Tuesday, May 21, 2013

May 14, 1945;War Crimes Commission indicts Himmler:




Gestapo Chief

Named Also on

6 Other Counts


LONDON— (U.P.) —The United Nations war crimes commission has indicted Gestapo Chief Heinrich Himmler on charges of mass murder in the notorious massacre of Lidice and the Jewish extermination program, it was learned today.

At least five Allied government: have lodged charges of war criminality against Himmler, the bespectacled former school teacher who became nazidom's chief hangman.

The war crimes commission has indicted him, it was revealed, on at least seven counts. It ranked him No. 1 on the list of Nazis charged with the obliteration of Lidice in an orgy of revenge for the assassination of Reinhard

Heydich, and with wholesale atrocities in nazi concentration camps.

Plays Hide and Seek.

The disclosure of the indictments against Himmler came as he apparently played an elusive game of hide and seek with Allied authorities in northwestern Europe.

Reports that he had fallen into Allied hands were denied. One said he had been seen at the headquarters of the German high command, under the wing of which he evidently was seeking sanctuary until the status of that body

and Admiral Karl Doenitz's government is decided.


Austria Free,

Says Regime

Backed by Reds

LONDON— (U.P) —The soviet supported

government of Austria today proclaimed the country's independence and restored republican laws in an apparent bid for Anglo-American recognition.

The proclamation, broadcast by radio-sender Austria, in effect dissolved the anschluss with Germany and presumably reinstated Austria's constitution of 1920.

"All nazi laws are abolished and republican laws restored," the broadcast said. The move further snarled European affairs for the western Allies.

Both the United States and Britain have yet to recognize the Austrian government set up by Premier Dr. Karl Renner with soviet support.

Tangling: Over Trieste.

The United States and Britain also were tangling with Marshal Tito's Yugoslav government over control of the Italian port of Trieste and with Russia over the

arrest of 16 Polish underground leaders.

5 0 0 Superfortresses Scorch

Nagoya in Record Fire Raid

United Press

More than 500 American Superfortresses seared nine square miles of Nagoya, Japan's third city, today in the greatest fire raid ever made.

Another armada of 1,000 carrier planes was reported by Tokyo to be concentrating for the second straight day on Japanese suicide plane bases and increased blows were reported against the Japanese on most of the land fronts.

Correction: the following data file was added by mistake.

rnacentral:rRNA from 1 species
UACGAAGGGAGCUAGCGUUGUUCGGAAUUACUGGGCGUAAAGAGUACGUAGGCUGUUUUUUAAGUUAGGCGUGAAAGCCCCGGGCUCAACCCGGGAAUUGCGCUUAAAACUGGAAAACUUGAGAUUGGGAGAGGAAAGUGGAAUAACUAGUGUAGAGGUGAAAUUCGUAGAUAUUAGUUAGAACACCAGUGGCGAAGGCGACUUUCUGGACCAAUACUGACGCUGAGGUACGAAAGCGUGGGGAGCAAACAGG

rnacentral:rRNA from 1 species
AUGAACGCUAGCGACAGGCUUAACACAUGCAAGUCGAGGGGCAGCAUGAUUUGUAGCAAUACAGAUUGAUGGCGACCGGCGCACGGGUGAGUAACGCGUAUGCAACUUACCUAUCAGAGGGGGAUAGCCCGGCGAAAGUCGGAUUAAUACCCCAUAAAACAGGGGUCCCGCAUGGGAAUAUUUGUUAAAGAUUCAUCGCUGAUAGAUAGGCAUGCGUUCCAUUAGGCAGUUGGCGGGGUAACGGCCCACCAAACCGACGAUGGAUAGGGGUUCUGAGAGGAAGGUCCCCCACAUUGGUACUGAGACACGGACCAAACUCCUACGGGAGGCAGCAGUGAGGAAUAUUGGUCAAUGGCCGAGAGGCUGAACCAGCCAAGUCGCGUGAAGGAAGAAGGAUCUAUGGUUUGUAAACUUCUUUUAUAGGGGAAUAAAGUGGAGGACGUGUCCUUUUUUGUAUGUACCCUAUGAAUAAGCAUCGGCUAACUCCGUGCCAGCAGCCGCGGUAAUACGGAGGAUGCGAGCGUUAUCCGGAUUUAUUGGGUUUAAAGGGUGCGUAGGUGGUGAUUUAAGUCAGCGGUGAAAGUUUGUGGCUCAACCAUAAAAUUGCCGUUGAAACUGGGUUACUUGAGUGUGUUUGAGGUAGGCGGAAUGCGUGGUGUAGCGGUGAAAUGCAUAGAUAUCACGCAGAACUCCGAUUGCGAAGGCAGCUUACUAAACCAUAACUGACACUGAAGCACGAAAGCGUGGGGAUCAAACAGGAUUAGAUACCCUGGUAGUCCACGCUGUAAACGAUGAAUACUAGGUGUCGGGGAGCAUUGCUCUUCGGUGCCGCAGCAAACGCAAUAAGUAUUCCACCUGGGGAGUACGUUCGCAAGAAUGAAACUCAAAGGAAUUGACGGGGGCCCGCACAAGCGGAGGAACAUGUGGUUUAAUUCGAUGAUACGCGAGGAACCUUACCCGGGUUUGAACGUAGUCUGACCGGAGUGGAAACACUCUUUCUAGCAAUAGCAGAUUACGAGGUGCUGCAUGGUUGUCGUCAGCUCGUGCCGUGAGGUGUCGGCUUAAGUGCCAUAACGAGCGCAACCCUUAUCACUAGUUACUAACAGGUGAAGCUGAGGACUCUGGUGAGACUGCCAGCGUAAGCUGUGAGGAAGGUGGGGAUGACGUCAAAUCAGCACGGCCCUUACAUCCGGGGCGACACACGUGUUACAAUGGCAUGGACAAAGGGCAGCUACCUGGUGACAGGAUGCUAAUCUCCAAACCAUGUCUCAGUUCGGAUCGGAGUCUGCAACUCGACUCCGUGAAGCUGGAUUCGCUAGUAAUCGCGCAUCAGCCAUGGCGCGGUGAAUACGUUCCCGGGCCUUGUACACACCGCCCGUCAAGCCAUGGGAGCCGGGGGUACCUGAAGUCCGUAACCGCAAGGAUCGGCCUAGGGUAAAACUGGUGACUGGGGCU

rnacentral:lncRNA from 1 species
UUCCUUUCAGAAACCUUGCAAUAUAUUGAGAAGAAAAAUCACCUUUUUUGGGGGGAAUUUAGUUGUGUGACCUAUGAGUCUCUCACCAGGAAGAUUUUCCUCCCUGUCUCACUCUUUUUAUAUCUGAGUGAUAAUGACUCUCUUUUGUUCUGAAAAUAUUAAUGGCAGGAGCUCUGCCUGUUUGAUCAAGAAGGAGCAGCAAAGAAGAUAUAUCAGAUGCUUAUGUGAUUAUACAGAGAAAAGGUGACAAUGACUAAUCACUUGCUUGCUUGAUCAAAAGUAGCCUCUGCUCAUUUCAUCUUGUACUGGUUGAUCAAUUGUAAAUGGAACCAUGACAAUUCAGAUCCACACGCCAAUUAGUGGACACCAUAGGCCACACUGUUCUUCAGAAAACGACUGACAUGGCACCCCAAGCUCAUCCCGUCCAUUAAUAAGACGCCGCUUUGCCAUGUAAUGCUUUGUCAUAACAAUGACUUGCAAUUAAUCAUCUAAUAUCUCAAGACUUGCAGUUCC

Chinese troops battled to clear Foochow Chinese east coast port which the Japanese fear may become an American invasion gateway.

On Mindanao in the Philippines, two American columns, driving to split the island lengthwise, were reported within 40 miles of a juncture after capture of the island's largest airdrome.

Lull on Tarakan.

The only lull reported was on Tarakan island off Borneo where activity subsided into patrolling by Dutch and Australian troops.

The attack on Nagoya, Japan's main aircraft manufacturing center on the main homeland island of Honshu, marked a renewal of

the fire raids which burned out 53.68 square miles of Tokyo, Yokohama,

Nagoya, Osaka, Kobe and Kawasaki in March and April.

The B-29s poured more than 500,750 fire bombs on Nagoya at the rate of 40 tons a minute for nearly an hour and a half.



Monday. May 14. INS

Plan Big Cuts

In Lend-Lease


WASHINGTON. — (U.P) — More big lend-lease cuts, including a slash of nearly 50 per cent in U. S. war aid to Britain, were in prospect today following curtailment of the bulk of this country's $300,000,000 a month shipments to Russia.

At the same time some top U. S. officials were said on good authority to believe the drastic cut in lend-lease to the soviet union might figure in relaxing the stalemate of the Polish situation. Though the Russian curtailment assertedly was based solely on the fact that Russia is no longer a fighting ally, it was said to demonstrate a willingness on this country's part to be "tough." This, it was felt, might further convince Soviet Marshal Josef Stalin that the U. S. will not yield to Russian wishes in regard to Poland.

War Operation.

Russia is anxious to win recognition for the soviet-sponsored Polish government now installed in Warsaw, while British and the U. S. are insisting that the government must first be recognized in line with the Yalta agreement. It was pointed out that while lend-lease is strictly a war operation,

Russia is anxious to receive post-war credits from this country to enable her to buy American machinery with which to rebuild Russian industry. This country's readiness to cut lend-lease shipments promptly and without hesitation was seen as a hint to Russia to meet other Allied nations halfway or face difficulty with the

post-war financial problem.

Announce Sharp Cuts.

President Truman is expected to make an announcement on Russian lend-lease shortly.

Disclosure of the sharp cut in lend-lease to Russia was made Saturday by foreign economic administrator Leo T. Crowley. He said "new shipments to Europe"

had been halted except those designed for countries still fighting Japan or those where lend-lease would aid redeployment

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